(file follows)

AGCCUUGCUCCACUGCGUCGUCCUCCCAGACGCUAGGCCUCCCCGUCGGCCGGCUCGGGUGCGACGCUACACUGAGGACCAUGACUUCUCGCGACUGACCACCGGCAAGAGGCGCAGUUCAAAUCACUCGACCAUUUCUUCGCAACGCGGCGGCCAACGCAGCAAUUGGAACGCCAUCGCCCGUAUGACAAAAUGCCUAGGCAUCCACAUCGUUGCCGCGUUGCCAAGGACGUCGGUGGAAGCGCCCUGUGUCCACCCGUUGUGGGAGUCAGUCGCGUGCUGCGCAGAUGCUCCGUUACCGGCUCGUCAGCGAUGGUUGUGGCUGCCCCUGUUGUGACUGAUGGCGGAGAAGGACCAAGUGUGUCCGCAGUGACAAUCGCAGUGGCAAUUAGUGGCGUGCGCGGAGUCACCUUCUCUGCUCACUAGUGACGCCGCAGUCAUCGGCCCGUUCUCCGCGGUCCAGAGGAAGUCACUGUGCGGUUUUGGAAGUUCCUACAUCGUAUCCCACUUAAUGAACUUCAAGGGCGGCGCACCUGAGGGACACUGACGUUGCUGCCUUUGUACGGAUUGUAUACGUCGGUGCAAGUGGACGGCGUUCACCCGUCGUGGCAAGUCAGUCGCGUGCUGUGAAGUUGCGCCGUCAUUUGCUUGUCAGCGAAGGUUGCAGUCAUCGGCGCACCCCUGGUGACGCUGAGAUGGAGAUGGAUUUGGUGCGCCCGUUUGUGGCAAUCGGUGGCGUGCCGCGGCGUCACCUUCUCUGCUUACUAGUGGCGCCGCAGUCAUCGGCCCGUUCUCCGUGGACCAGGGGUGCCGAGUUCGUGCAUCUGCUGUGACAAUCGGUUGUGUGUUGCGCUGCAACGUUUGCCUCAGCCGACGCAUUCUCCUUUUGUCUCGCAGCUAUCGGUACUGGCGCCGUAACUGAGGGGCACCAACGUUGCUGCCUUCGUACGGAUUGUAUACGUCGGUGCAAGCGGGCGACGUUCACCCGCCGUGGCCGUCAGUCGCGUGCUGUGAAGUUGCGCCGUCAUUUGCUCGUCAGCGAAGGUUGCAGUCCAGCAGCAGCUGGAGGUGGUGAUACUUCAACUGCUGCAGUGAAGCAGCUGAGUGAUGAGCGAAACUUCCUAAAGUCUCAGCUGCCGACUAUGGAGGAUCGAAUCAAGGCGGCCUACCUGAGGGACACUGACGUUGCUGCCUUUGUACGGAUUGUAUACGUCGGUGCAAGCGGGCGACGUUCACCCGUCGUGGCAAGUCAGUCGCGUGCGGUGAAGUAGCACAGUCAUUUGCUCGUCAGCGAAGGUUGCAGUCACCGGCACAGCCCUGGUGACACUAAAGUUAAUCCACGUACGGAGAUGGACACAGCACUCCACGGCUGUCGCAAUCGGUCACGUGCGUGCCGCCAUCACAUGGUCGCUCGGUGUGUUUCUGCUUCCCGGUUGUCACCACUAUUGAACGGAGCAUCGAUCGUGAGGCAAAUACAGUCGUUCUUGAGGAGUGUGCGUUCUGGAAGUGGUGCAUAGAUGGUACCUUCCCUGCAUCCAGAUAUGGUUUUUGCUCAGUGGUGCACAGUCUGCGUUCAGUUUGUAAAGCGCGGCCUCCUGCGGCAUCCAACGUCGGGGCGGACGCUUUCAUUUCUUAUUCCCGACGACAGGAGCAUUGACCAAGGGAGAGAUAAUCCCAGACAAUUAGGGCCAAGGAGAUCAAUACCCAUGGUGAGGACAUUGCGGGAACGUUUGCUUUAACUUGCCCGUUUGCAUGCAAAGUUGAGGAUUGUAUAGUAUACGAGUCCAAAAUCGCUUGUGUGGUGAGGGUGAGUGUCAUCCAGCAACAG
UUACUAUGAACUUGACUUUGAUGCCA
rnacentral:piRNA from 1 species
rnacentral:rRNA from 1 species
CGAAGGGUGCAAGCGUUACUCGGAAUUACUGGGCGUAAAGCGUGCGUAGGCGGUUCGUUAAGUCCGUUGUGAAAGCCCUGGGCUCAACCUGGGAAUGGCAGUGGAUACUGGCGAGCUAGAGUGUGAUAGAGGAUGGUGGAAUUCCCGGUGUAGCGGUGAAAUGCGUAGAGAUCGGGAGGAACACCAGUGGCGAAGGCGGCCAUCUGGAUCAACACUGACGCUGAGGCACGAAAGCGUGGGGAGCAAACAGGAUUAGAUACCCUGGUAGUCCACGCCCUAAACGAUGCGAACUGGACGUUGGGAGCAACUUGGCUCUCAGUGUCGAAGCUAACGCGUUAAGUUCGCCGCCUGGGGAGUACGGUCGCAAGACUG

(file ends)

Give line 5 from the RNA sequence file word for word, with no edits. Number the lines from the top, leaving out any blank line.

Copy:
CGAAGGGUGCAAGCGUUACUCGGAAUUACUGGGCGUAAAGCGUGCGUAGGCGGUUCGUUAAGUCCGUUGUGAAAGCCCUGGGCUCAACCUGGGAAUGGCAGUGGAUACUGGCGAGCUAGAGUGUGAUAGAGGAUGGUGGAAUUCCCGGUGUAGCGGUGAAAUGCGUAGAGAUCGGGAGGAACACCAGUGGCGAAGGCGGCCAUCUGGAUCAACACUGACGCUGAGGCACGAAAGCGUGGGGAGCAAACAGGAUUAGAUACCCUGGUAGUCCACGCCCUAAACGAUGCGAACUGGACGUUGGGAGCAACUUGGCUCUCAGUGUCGAAGCUAACGCGUUAAGUUCGCCGCCUGGGGAGUACGGUCGCAAGACUG